February, 2023

Lee Ball, Ph.D., Chief Sustainability Officer, Appalachian State University

As a sustainability program director, I feel a palpable tension between the urgency for aggressive climate action and the hope for a more sustainable future. For many of us working in higher education, hope fuels our idealism in a world dominated with ROIs and VLRs and SDGs…and with competing priorities and fear. We have chosen a profession where obstacles lurk around every corner and failure is the norm. Sustainability professionals are expected to bring everyone together and, over and over again, to provide reliable “real world” solutions that also pencil out financially for the institution.

Sustainability professionals have a unique ability to root out disconnect within Sun shining over a flowerour organizations; yet we risk alienating ourselves when we threaten the status quo.  We exhaust ourselves trying to hold multiple points of view and balance consensus while tap dancing to establish mutual benefits and keeping a positive, “can do” attitude. Extreme urgency fuels our work, but isn’t what we talk about. Hope keeps some of us going, but how do we sustain the sustainers over the course of a career?

Sustainability professionals rarely turn off the climate emergency in our minds. It’s there with us at every meeting, restaurant, and holiday gathering. It’s there with us at the grocery store or at the park with our children. Especially, with our children. Most just deal with it, lumping the climate anxiety as just another of the constant pressures and demands in life. It is a miracle that we keep making progress. We spend so much time focusing outward, explaining the complexities and interconnectedness of the sustainability universe over and over.

We share a primal tenacity for this work: in the bending hours of dawn and in the golden hour of dusk and before and after our back-to-back-to-back meetings. Despite our intrapersonal challenges, we carry on. Is this shared personality trait a skill or a curse? Either way, I am beginning to see that it’s a vulnerability that desperately needs nurturing and support. Sustaining the sustainers can take many forms. Whether it is the standard practices of self-care, nutrition, exercise, mindfulness, hobbies, time with loved ones, or practical tools like time management, team building, or leadership skills, my point is that WE need help too. Our martyr-like tendencies catch up to us in the form of stress, disease, failed relationships, isolation, and depression. We may be self aware of these things, but still, many of us do not prioritize the time needed for ourselves.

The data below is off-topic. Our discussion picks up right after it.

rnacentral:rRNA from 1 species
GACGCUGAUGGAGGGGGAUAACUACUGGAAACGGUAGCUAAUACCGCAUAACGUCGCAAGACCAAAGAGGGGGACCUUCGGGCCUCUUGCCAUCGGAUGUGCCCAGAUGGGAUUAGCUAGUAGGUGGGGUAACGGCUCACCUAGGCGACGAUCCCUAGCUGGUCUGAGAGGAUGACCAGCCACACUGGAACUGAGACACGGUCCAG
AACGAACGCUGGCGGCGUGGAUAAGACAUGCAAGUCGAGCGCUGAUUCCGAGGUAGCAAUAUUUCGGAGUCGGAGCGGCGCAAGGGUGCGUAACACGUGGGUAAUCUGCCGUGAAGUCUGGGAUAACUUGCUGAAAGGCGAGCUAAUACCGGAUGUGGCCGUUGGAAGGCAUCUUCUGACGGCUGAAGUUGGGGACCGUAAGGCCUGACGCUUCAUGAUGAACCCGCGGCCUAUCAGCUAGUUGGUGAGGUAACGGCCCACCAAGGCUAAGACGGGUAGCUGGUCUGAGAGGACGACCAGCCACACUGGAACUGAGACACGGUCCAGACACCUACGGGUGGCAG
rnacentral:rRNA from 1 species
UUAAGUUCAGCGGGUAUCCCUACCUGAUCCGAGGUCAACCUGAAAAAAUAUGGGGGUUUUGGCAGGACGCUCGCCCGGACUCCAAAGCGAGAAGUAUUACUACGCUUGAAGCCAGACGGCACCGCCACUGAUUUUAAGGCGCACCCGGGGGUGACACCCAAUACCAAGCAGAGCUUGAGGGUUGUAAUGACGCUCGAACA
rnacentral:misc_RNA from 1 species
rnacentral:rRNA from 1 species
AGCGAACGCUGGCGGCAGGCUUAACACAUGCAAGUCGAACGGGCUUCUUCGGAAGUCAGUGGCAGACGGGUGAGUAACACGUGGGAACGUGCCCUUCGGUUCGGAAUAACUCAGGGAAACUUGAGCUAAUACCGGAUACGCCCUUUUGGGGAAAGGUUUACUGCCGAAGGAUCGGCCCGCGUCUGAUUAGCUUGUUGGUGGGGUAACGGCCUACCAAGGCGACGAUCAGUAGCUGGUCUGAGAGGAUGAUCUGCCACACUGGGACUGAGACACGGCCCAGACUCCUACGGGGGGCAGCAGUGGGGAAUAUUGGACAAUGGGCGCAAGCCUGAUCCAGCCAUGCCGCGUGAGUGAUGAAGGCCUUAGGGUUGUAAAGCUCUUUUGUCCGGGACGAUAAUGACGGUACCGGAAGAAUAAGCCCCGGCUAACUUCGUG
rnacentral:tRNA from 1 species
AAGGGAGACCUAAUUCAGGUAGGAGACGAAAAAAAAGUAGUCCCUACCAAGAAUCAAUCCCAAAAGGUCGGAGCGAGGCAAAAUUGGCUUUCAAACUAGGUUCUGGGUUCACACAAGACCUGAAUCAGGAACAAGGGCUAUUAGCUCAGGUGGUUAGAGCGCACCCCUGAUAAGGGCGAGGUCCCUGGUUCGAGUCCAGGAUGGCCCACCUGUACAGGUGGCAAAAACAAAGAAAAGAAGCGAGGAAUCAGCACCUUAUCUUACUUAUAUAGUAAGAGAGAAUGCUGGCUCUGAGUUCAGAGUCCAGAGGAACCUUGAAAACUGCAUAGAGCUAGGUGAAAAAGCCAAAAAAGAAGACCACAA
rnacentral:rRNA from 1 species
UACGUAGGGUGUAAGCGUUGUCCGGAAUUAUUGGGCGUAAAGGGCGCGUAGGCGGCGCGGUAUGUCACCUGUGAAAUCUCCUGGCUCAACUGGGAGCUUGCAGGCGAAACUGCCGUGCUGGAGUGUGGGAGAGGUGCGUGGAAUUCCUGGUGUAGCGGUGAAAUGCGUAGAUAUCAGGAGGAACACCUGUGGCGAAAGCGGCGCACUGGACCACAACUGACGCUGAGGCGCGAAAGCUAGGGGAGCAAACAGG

Sustaining the sustainers is the new elephant in the room -- not methane release, meat eating, or even the head of a foreign oil company leading the COP 28. It is beyond time to seek help for our own self-care. Committing the space for whatever YOU need might be the decarbonization strategy we’ve been waiting for; a strategy to reduce burnout and create more efficient project implementation.

Another often-overlooked trait of the sustainability profession is the terrifying scale of the work we are trying to accomplish. Dropping the ball is how we remember that particular ball in the first place. The neverending opportunities for service on boards and committees, consulting, and community engagement that we rarely refuse but just add to our workload, like carbon molecules into the atmosphere, tipping and tipping further out of balance. Saying “no” may be another decarbonization strategy worth implementing.  

Now, if hope is not your jam, I get it. Those of us who follow the science closer than the average Joe tend to be motivated by urgency rather than hope. But hope must be a factor in our work: there is always another day, another idea, another student whose love of learning is sparked, another bright-eyed sustainer poised and ready to join the cause. We are each uniquely suited to a particular aspect of sustainability work that is one part of a collective effort that we might not even live to see the results of. Our uniqueness comes from an individual journey that is presently rooted in a community that needs YOU. This community, these roots, are the collective strength that we need and, like mycorrhizae, community connects us, nourishes us, and looks out for us. At the heart of this community is nature, which is part of everything we do. Nature inspires solutions to some of our most challenging and pressing problems, and helps us understand the promise of diversity and inclusion. Nature can heal our deepest anxieties and fears. Nature is our oldest teacher drawing on billions of years of experience, a sort of well to draw from on dark days. Nature is our navigator through these very challenging times.

Let’s spend more time in the places we are trying to save, and witness the animals and insects and rocks and trees who are here with us. Let’s spend more time with each other. Beyond sustaining the sustainers, let’s learn to regenerate each other!


Editor's note: An earlier draft of this work was inadvertently published with The Connection newsletter and has since been updated March 2, 2023. 

Opinions expressed in this essay are those of the authors. They do not purport to reflect the opinions or views of the GCSE or its members.